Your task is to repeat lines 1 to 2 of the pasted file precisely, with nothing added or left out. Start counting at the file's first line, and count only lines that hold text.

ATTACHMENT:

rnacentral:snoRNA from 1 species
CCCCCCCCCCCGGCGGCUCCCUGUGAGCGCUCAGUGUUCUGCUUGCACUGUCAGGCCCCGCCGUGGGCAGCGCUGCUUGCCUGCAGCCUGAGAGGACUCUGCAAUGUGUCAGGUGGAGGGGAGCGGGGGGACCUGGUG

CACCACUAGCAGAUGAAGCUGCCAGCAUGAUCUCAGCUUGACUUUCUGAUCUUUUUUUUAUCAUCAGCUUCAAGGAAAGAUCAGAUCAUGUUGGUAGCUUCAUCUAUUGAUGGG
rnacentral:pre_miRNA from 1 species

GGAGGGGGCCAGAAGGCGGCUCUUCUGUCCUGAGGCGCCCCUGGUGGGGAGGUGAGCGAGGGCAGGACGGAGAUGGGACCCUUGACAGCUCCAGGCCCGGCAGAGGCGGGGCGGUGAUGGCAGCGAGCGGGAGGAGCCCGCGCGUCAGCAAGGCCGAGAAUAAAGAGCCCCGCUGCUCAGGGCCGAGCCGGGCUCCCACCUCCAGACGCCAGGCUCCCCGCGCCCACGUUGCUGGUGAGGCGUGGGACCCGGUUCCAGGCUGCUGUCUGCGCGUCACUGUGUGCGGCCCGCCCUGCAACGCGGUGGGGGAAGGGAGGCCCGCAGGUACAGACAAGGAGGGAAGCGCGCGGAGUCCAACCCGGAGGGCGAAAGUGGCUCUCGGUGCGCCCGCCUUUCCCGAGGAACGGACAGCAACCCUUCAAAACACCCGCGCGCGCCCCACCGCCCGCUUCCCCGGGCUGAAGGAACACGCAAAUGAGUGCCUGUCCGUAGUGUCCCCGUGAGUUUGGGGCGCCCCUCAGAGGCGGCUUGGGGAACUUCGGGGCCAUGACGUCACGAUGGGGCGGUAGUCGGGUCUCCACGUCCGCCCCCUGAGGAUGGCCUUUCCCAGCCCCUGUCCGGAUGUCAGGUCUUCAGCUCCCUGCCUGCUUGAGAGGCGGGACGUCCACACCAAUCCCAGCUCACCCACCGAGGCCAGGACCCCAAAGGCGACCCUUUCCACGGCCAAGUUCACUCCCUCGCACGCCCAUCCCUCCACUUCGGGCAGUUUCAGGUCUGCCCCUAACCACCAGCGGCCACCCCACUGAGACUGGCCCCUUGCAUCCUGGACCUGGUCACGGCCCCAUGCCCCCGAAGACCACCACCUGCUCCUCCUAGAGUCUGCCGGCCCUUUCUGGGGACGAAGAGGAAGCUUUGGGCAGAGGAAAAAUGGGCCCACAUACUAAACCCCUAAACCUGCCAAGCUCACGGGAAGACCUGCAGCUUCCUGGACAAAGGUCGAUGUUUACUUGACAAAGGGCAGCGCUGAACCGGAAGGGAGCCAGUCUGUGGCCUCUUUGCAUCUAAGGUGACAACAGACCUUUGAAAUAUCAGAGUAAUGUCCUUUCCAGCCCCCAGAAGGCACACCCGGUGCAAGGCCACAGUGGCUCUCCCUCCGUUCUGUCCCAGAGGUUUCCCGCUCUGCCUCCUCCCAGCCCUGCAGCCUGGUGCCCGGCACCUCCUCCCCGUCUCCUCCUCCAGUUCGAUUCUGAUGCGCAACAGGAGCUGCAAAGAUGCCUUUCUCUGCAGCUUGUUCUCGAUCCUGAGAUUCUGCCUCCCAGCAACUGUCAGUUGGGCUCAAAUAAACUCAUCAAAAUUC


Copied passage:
rnacentral:snoRNA from 1 species
CCCCCCCCCCCGGCGGCUCCCUGUGAGCGCUCAGUGUUCUGCUUGCACUGUCAGGCCCCGCCGUGGGCAGCGCUGCUUGCCUGCAGCCUGAGAGGACUCUGCAAUGUGUCAGGUGGAGGGGAGCGGGGGGACCUGGUG